William Isaac (‘Bill’) Woodbridge

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WOODBRIDGE, William Isaac (‘Bill’)

Service no: 2008 [1]

Place of birth: Grenfell, 1893

Address: Orange

Occupation: Shearer

Next of kin: Benjamin Woodbridge (father), Grenfell, later 118 Lord Street, Orange

Date of enlistment: 15 January 1915

Place of enlistment: Hughenden, QLD

Age at enlistment: 21

Fate: Embarked HMAT Kyarra A55, Brisbane, 16 April 1915. Joined 15th Battalion at Gallipoli 9 July 1915. Wounded in action, suffering a gunshot wound to the right hand 25 August 1915. Admitted to No. 2 Australian General Hospital, Ghezireh, suffering a gunshot wound to the foot, 30 August 1915. Transferred to Mena House Hospital, 8 September 1915. Discharged from hospital 10 October 1915. Rejoined Battalion 3 May 1916. Proceeded to Marseilles 8 June 1916. Wounded in action, suffering multiple gunshot wounds, 6 August 1916. Admitted to No. 3 Casualty Clearing Station, 7 August 1916. Transferred to No. 2 Canadian Stationary Hospital, Outreau, France, 7 August 1916. Died of wounds, No. 2 Canadian Stationary Hospital, Outreau, France.

Date of death: 14 August 1916

Buried: Boulogne Eastern Cemetery, Boulogne, Nord Pas de Calais, France, Plot VIII, Row B, Grave 139

William Isaac Woodbridge was born in Grenfell in 1893, the third son and eighth child of Benjamin and Mary Ann Woodbridge. By the time World War One was declared the family had relocated to Orange. William – or ‘Bill’ as he became known – was working as a boundary rider in northern Queensland. His older brothers, John and Patrick, were working as shearers in the same area.

The three brothers enlisted in Queensland within a few months of each other and embarked together from Brisbane in April 1915, all privates in the 15th Battalion bound for Gallipoli.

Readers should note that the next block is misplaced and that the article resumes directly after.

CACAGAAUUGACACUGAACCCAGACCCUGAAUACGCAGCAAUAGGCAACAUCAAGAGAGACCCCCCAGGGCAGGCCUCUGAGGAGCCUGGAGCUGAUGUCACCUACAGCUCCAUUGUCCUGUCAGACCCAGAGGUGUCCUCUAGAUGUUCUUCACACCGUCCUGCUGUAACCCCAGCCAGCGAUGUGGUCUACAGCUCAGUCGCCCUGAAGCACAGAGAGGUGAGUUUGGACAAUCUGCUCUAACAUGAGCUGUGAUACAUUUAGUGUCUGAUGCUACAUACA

Bill landed at Gallipoli on 9 July. Just six weeks later he was shot in the right hand, and, a week later, in the foot. Bill recovered from his injuries and proceeded to France in June 1916. On 6 August he received multiple gunshot wounds, to the buttocks, arms and thigh. On this occasion Bill did not survive his injuries; he died a week later.

William’s brother, John Michael Paul ('Jack') Woodbridge, was killed in action two days after William was wounded, on 8 August 1916. Patrick Benjamin (‘Paddy’) Woodbridge survived the war, returning to Australia in July 1919.

The name Woodbridge appears on the World War I Roll of Honour on the southern face of the Orange Cenotaph.

In 1923 the Anzac Memorial Avenue of trees was planted along Bathurst Road to commemorate fallen WWI soldiers. A tree was planted in honour of “Pte Woodbridge”; it is unclear whether this tree was in honour of William or John. The tree was donated by W Bartlett. Very few of the trees are still standing today.

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